When Cuban hunger striker Guillermo Farinas arrived in Miami, he said he was prepared to face rejection from radical members of the Cuban-American community who do not believe in pacific opposition.
The reaction has been far different. When he went to the Versailles restaurant, a traditional gathering spot for older exiles in the city’s Little Havana neighborhood, he was embraced. During an event at Miami’s iconic Freedom Tower, he was applauded.
“The love the exiles in Miami have shown us makes us discard what the government, over 54 years, has planted in our minds,” he said.
Read the whole thing.
While you’re at it, if you understand spoken Spanish, listen to Jaime Bayly’s interview with Berta Soler,
Parts 2, 3 with Laura Maria Labrada and Belkis Cantillo (also in the photo above), and 4.
Yesterday, the Venezuelan government conducted the test launch of an Otomat missile, model MK2.
Eighteen of these missiles have been restored, thanks to Cuban specialists, for use by Venezuela’s Bolivarian Armed Forces.
Venezuela’s appointed leader, Nicolas Maduro, announced the launch (and Cuba’s support) with much fanfare, as well as the upcoming restoration of AMX 3 light tanks and EE-11 Urutú armored personnel carriers.
Nothing to look here; Of course, the countries within firing range and the users of the now-expanding Panama Canal may have reason to worry.
Surely the Venezuelan regime will claim it’s all for peaceful purposes, like their soon-to-be-nuclear pals the Iranians, who still have their direct flights to Caracas.
On Monday, Guatemala’s Constitutional Court ordered the trial of Efraín Ríos Montt overturned and reset to an earlier point in April when it was challenged by another judge. Mr. Ríos Montt, who ruled Guatemala for 17 months in 1982 and 1983, had been sentenced to 80 years on genocide and crimes against humanity for his role in the country’s 36-year civil war.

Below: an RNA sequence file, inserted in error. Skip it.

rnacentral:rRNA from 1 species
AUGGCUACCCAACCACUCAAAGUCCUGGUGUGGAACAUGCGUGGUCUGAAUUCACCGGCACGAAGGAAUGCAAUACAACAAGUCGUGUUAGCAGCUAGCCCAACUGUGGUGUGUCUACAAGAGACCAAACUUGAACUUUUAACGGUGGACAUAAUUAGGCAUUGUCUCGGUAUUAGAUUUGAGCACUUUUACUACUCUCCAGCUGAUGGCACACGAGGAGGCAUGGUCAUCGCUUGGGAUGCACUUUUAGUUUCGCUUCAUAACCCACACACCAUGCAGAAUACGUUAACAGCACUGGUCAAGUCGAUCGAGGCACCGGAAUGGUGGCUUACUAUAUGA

After the ruling, Mr. Ríos Montt was briefly sent to jail before being moved to a military hospital. On Tuesday, he was set to return to house arrest, as he was during his trial.
The ruling came after a public push by Guatemala’s powerful business chamber to overturn the verdict, a development analysts said on Tuesday called into question the court’s independence.
Guatemala has a history of trials of military men being blocked through appeals to higher courts that are manipulated by the small country’s powerful elites, said Anita Isaacs, a professor at Haverford College. “There is a link between the court system and powerful economic interests in Guatemala,” she said.
The court’s annulment of the sentence also points to weaknesses in the case itself, which became highly politicized in Guatemala. Michael Waller, a foreign-policy expert who worked in Central America in the 1980s, said the judge had overreached with her genocide conviction. “It was a nasty war in Guatemala but it wasn’t genocide,” he said.
The big news for the past day or two has been a leaked tape of a conversation between Mario Silva, the hardcore Chavista spokesman anchorman of “La Hojilla” [The Razor] (a TV show on state-run TV channel VTV), and Aramis Palacios, a lieutenant colonel of Cuban G2.
In it, Silva suggests that the military – at the prodding of Diosdado Cabello – is plotting against Maduro.
Plus, in the scorecard,
100 points to Diosdado Cabello for being Darth Vader AND Hannibal Lecter on the same day. And then showing up at Miraflores just to mug for the cameras and rub it in Maduro’s and Silva’s face. Cue in Destiny’s Child “Survivor.”
And finally, a negative 857 points to the Venezuelan people, for if Diosdado gets his way and it’s true that he has, to quote Mario Silva, “all the power without being President,” we are about to enter a world of pain that no Cuban doctor can cure.
Caracas Chronicles concludes,
What’s clear, folks, is that Diosdado Cabello is untouchable. He is the pillar upon which “chavismo sin Chávez” is built. The evidence that Cabello is undermining the Revolution with his corrupt ways is staring Maduro in the eye just as clearly as that picture in the Museo Militar. When faced with the choice of throwing Silva or Cabello under the bus, Maduro chose Silva.
Indeed, Mario Silvia is off the air “for health reasons“, the Latin American equivalent of “spending time with his family.”
A few years ago I audited Dr. John V. Fleming’s class on Chaucer, a most wonderful treat, since he’s not only the foremost scholar on the subject but also a great guy. He graciously gave me a poscast interview (transcribed here 123) a year or so later. Like many of his students, we’ve kept in touch over the years.
Recently, Dr. Fleming went to The Cloisters to listen to Pomerium’s Renaissance music concert that included Spem in Alium. Read his brilliant account here.